We have a number of spatial data items associated with the ZCTA; we have land area in square miles, the "internal point" coordinates for the ZCTA as published with the 2000 census data, and a custom coordinate pair obtained by taking the population-weighted averages of the internal pt coordinates of all the census blocks that were within the ZIP (stored as popcentrLat, popcentrLon). And finally we have a series of key demographic and economic status indicators taken from the 2000 census tables: total population and housing units, median household income, mean poverty ratio and average housing value. Each of the last 3 have the actual value as well as a corresponding index value that tells you how it compares to the value for the entire country. We see that 65201 has (had) a Median Household Income value of $26,955 and that this was only 64.2% of the value for the U.S. as a whole. This reflects the fact that this area, which includes at least portions of 3 university campuses, is heavily inhabited by college students - who typically have lower incomes and smaller households. Note that the other 2 economic measures also indicate an area that is below average in terms of economic well being, but that those measures have indices in the low 80's which would indicate the area is not really a slum.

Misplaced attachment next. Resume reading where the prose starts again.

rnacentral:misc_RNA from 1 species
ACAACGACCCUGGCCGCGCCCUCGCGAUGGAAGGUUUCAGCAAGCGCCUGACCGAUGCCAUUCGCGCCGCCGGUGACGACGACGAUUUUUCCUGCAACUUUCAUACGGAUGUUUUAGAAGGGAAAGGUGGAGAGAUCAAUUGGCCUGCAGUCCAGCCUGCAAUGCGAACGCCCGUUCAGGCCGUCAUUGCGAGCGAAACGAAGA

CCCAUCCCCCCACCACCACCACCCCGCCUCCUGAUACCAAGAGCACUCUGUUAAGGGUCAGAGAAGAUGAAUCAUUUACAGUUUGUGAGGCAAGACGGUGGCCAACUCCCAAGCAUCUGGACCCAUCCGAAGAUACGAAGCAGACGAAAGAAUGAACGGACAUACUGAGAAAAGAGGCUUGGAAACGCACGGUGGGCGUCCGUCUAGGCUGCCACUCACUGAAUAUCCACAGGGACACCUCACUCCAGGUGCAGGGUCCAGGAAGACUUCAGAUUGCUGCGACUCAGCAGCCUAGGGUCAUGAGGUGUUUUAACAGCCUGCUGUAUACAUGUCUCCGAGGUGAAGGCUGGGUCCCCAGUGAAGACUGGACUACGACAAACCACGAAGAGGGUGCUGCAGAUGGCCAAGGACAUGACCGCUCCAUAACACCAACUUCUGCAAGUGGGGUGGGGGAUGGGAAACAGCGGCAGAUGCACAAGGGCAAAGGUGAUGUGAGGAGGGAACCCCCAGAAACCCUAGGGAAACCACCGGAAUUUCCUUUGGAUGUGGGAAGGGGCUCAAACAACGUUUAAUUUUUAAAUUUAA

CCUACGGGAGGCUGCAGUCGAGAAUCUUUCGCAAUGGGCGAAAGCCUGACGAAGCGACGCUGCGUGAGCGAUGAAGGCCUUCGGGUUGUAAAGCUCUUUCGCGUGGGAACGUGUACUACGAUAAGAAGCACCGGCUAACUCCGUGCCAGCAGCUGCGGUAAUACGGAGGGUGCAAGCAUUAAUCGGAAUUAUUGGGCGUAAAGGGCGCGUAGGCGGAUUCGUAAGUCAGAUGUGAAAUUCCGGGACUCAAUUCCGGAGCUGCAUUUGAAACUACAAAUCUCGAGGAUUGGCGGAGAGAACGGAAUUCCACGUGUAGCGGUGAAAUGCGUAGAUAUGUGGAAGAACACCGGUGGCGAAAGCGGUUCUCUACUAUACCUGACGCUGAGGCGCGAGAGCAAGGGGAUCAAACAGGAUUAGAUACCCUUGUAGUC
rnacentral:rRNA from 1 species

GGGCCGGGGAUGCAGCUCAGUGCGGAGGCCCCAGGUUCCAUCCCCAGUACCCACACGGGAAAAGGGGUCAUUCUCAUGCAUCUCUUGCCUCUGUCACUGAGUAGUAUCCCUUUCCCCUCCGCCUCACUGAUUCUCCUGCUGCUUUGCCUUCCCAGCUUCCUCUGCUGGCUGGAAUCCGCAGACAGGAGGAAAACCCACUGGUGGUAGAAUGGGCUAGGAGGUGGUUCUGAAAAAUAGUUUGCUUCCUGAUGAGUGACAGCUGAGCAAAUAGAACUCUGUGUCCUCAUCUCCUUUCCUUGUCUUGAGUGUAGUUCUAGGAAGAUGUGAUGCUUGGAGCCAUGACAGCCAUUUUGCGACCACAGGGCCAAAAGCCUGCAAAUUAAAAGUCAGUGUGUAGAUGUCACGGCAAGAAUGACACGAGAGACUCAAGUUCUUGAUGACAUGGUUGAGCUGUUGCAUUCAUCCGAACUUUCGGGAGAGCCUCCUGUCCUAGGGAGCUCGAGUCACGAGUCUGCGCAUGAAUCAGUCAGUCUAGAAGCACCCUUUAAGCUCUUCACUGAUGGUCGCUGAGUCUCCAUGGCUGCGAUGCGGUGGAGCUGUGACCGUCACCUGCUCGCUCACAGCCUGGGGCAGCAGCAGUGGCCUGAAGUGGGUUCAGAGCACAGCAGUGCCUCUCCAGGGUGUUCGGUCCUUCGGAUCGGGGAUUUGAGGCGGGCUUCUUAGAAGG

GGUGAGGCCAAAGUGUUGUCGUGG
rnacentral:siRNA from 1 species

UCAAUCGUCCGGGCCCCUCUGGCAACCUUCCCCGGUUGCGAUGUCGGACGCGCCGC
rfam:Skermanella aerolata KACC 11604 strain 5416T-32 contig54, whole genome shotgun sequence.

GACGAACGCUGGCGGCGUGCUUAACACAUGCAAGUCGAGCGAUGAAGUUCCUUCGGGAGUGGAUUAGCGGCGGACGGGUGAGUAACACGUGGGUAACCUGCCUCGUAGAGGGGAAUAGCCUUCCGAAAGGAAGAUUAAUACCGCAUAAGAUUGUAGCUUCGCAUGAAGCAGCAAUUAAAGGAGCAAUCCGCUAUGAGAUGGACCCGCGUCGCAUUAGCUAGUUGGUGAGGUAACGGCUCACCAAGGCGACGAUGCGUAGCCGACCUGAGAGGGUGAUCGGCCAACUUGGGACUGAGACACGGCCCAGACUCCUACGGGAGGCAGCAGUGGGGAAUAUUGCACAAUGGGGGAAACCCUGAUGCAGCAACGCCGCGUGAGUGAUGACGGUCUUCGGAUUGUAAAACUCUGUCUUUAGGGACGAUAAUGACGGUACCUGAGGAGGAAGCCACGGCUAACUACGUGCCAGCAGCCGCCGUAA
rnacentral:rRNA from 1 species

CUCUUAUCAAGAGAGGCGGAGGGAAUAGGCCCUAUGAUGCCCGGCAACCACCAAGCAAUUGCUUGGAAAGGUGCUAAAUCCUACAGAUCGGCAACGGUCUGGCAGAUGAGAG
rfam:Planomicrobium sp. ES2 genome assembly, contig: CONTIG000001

There is even an appsurl variable that contains a ZIP-specific web address that can be followed in order to obtain additional data regarding the ZIP.
Accessing the ZCTA_Master Data set